You’d be surprised. Most are descriptive, others are simply named after the founders. Some spent a few moments with a thesaurus, naming themselves Metaphor, Lexicon, Catchword, Idiom, etc.
Those from the Obfuscating School of Naming cobbled together a string of letters based upon languages their target audience doesn’t speak – perhaps just because they could get the dot com: Nomenon, Nomina, Nomino, Tanj, Zinzin, Cintara, et al.
The full list of Naming Agency names resides here, humanely caged for your viewing pleasure.
You know it, you love it, it’s TED:
TED works as a name because it’s memorable, it demonstrates something new is happening and makes potentially difficult subject matter warm, inviting and simple. It’s also very confident and comfortable with itself – always an attractive quality.
The trouble with TED is it’s a name that companies will tell you they love, want something like it for their similar venture, but would likely get killed in a corporate committee .
“TED doesn’t convey “Best and Brightest””
“TED” skews too masculine; its a man’s name. The name needs to be gender neutral to appeal to both sexes”
“The thought leaders we need to attract may not want to be associated with something so trivial sounding”
“The acronym “Technology, Entertainment & Design” is too limiting”
Would TED make it through your corporate naming process? If it is a process designed for real world efficacy & power, yes it would.
July 30, 2015
How One Man Helped Name Many of Today’s Popular Travel Brands
By Valarie D’Elia
One man’s agency is behind the names of many popular travel brands. Time Warner Cable News’ Valarie D’Elia filed the following Travel with Val report.
Vegas hotels with names such as Wynn, Aria and the Signature at MGM Grand come from a partnership with the creative mind of Steve Manning. He is the founder of Igor Naming Agency, a 13-year-old business in Marin County, California.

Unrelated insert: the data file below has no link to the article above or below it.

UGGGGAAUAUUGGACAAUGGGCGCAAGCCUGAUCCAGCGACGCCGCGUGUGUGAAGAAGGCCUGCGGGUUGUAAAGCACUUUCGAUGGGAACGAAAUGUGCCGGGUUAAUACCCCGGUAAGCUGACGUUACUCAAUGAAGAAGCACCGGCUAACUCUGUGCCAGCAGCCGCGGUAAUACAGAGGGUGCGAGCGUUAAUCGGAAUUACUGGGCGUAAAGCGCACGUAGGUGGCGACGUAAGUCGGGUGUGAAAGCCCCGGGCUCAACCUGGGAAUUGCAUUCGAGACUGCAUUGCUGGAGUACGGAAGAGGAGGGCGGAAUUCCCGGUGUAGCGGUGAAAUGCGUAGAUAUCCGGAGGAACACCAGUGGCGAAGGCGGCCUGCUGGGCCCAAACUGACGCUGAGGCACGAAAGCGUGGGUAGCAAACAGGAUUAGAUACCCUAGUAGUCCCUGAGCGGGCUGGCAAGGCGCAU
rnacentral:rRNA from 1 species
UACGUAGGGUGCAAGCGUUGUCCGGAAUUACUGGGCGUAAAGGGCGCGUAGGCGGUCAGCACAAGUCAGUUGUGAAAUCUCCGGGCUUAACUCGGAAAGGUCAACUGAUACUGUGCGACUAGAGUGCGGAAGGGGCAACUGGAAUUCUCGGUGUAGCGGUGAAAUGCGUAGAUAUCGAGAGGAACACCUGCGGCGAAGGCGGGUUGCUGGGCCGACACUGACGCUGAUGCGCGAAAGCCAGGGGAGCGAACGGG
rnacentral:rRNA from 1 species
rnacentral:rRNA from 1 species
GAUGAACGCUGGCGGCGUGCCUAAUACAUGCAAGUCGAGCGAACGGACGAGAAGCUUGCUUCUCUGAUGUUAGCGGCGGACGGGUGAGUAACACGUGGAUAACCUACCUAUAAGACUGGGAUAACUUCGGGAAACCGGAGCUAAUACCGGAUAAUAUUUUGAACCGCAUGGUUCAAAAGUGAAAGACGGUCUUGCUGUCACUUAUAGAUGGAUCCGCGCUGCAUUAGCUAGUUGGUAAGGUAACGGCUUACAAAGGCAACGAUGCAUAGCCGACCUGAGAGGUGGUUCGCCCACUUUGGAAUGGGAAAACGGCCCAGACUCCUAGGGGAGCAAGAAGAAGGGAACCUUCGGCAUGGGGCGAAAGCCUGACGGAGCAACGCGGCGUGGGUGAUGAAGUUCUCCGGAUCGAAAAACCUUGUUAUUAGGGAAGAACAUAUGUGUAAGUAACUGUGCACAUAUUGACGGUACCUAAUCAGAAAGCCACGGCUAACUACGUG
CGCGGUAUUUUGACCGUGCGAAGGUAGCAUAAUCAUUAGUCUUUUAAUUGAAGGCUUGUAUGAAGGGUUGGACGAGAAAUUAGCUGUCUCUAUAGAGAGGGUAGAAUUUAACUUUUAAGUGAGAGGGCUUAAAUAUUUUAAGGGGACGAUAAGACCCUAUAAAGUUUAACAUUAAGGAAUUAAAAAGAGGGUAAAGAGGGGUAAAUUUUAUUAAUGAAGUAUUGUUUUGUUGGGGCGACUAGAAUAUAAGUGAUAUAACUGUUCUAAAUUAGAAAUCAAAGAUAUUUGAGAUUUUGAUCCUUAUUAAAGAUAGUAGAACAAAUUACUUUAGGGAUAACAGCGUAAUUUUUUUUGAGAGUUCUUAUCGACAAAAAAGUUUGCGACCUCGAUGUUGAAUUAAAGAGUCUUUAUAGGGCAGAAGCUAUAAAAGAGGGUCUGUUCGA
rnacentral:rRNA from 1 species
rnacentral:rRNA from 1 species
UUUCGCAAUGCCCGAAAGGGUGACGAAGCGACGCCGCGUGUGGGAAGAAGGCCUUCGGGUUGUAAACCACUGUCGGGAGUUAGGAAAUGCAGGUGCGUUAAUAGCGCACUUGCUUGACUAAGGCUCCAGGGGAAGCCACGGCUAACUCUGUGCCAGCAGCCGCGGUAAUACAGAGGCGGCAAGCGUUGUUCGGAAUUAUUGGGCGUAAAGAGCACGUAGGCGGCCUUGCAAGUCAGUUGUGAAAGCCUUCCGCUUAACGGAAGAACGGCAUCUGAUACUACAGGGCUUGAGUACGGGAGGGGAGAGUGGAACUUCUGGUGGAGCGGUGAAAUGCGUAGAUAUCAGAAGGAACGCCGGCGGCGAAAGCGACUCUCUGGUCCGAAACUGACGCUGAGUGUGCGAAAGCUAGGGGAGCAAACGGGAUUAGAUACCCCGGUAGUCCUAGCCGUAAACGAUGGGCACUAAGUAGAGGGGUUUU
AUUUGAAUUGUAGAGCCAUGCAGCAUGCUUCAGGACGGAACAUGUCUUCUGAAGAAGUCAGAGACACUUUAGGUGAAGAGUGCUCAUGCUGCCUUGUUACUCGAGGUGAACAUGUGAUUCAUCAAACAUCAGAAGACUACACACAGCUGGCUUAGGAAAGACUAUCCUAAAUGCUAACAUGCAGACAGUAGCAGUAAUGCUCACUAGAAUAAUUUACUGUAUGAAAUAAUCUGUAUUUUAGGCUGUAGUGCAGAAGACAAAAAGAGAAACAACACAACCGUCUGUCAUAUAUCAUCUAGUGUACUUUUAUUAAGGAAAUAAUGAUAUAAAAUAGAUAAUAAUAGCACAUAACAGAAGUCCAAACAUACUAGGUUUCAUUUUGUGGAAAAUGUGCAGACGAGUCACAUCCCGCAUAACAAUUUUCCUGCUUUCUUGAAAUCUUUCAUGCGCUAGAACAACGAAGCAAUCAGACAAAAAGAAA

“You’ve got to do something that taps into people’s brains and makes sense, and makes them sort of say, ‘Oh yeah, I get it,'” Manning says.
Sure, naming the Wynn hotel after the owner might seem like a no-brainer.
“He really signed the hotel, sort of like an artist would sign a work of art,” Manning says.
He got into the name game not long after a stint at the Travel Channel, so he knows the territory.
“Northwest, Southwest, United, American – those are all really the same types of names. They’re just moving a few key words around,” Manning says. “Until somebody comes along and names something Virgin, and suddenly that’s a different game.”
Manning usually presents 45 names to a client before one sticks, so he knows how tricky the process can be.
“Somebody’s going to raise their hand and say, ‘What if we have an accident? The headline will read JetBlue-up.’ It takes them a while to realize that people won’t associate car theft with Hotwire, nor do people think that the pilots at Virgin are inexperienced,” he says. “But that’s people’s gut reaction when they try to name something and you have to help them get over that fear.”
And that in-flight wireless at our fingertips? Yep, Manning named it originally for Richard Branson.
“You know the name GoGo worked with the Virgin brand, like go-go dancers – plus it’s on the go and it’s kind of fun and exciting,” Manning says. “But also, once it starts going on the other aircrafts, you don’t think of Virgin.”
As you would expect, lots of their competitors have “smile” in their names. So instead, the name Smart Mouth makes you smile.
Using the word “smile” in a name is explanative, using words that cause your audience to smile is demonstrative.
In naming & branding, demonstrating is always more effective than explaining.
It’s also a twist on a descriptive name, saying “It’s a Smart choice for your Mouth” and that the dentist is “Smart about Mouths”.
Since parents, not kid’s are the audience, giving them a laugh about their kids makes it work, makes it warm – and unforgettable.